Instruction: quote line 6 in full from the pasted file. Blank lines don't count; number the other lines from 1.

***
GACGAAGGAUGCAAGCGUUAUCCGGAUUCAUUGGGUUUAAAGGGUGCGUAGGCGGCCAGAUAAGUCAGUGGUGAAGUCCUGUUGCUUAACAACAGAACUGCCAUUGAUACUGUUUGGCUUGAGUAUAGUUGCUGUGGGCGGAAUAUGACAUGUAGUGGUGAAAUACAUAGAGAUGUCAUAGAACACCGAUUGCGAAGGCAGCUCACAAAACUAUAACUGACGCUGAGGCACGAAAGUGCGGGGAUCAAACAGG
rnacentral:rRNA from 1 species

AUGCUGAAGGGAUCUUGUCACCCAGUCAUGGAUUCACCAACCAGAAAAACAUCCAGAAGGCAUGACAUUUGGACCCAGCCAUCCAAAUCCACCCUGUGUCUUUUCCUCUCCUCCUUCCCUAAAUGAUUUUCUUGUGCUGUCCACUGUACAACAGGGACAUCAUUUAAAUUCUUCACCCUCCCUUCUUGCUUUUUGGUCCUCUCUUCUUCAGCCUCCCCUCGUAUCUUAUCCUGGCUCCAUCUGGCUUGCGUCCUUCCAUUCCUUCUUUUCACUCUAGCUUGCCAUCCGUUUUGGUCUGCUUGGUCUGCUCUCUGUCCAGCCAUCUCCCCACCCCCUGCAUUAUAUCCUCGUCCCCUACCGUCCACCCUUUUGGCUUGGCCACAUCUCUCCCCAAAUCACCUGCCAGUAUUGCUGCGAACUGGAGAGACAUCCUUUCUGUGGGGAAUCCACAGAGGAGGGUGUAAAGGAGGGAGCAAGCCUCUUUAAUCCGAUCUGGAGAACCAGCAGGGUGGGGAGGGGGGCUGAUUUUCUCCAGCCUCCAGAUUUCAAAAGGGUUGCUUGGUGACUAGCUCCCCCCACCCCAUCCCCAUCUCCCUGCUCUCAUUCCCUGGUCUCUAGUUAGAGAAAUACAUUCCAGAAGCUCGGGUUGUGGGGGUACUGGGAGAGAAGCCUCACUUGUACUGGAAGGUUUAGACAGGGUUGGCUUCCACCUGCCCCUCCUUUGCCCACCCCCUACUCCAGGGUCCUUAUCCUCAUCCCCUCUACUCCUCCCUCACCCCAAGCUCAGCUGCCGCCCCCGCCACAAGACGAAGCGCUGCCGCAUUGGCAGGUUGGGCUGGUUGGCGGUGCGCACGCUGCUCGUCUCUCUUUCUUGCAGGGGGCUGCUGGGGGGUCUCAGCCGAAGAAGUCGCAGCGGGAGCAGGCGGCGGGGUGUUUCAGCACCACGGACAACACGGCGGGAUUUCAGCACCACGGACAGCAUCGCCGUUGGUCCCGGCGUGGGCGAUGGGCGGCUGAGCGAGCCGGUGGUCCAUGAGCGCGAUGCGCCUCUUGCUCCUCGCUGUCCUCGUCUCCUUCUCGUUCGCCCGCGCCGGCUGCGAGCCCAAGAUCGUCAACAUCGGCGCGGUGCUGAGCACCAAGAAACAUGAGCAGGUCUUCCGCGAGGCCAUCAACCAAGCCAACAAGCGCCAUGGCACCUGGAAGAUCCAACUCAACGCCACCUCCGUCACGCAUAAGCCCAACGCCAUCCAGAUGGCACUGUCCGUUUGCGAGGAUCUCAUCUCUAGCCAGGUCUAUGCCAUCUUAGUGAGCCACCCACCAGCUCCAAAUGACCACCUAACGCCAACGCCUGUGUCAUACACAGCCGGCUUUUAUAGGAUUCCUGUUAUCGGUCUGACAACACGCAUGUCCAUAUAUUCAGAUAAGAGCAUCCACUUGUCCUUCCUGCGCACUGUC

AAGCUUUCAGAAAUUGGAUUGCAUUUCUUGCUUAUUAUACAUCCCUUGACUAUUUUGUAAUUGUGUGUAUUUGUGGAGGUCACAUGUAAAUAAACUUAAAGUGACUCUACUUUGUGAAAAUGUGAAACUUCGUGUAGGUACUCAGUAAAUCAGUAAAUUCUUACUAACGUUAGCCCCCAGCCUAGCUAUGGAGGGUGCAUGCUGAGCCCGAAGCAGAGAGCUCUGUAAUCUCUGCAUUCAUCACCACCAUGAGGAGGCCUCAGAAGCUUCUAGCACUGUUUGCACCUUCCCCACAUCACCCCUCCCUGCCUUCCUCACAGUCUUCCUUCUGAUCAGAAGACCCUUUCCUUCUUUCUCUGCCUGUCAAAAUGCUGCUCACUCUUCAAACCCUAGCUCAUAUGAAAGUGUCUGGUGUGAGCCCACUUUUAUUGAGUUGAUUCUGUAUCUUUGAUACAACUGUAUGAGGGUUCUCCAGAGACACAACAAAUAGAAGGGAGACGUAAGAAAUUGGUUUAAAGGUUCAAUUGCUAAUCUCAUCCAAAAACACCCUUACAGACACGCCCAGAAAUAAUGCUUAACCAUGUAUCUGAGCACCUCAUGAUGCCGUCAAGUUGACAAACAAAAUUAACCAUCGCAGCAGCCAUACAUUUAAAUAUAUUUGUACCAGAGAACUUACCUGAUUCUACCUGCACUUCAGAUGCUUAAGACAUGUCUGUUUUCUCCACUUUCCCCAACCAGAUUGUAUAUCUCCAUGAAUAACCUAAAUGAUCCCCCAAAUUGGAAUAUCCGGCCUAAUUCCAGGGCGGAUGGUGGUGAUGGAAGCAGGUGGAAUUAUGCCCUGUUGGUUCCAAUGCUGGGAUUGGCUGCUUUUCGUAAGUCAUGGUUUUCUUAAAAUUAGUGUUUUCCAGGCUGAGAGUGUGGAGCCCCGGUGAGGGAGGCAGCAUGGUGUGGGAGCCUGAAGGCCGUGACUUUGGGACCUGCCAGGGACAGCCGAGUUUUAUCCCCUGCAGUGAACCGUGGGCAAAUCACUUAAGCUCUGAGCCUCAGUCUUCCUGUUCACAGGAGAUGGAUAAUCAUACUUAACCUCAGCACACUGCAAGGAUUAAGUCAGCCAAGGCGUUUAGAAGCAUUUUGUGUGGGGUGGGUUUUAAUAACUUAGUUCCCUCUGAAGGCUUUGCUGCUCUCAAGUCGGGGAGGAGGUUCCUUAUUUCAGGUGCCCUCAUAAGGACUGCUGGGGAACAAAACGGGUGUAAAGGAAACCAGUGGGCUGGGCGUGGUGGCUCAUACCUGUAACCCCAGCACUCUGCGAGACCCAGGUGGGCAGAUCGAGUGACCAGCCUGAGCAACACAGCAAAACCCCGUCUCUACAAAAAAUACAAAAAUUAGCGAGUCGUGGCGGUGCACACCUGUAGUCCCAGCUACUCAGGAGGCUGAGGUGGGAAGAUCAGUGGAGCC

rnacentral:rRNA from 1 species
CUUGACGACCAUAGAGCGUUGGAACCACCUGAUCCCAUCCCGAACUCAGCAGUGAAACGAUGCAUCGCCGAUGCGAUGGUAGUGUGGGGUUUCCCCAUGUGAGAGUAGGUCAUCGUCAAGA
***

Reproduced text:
CUUGACGACCAUAGAGCGUUGGAACCACCUGAUCCCAUCCCGAACUCAGCAGUGAAACGAUGCAUCGCCGAUGCGAUGGUAGUGUGGGGUUUCCCCAUGUGAGAGUAGGUCAUCGUCAAGA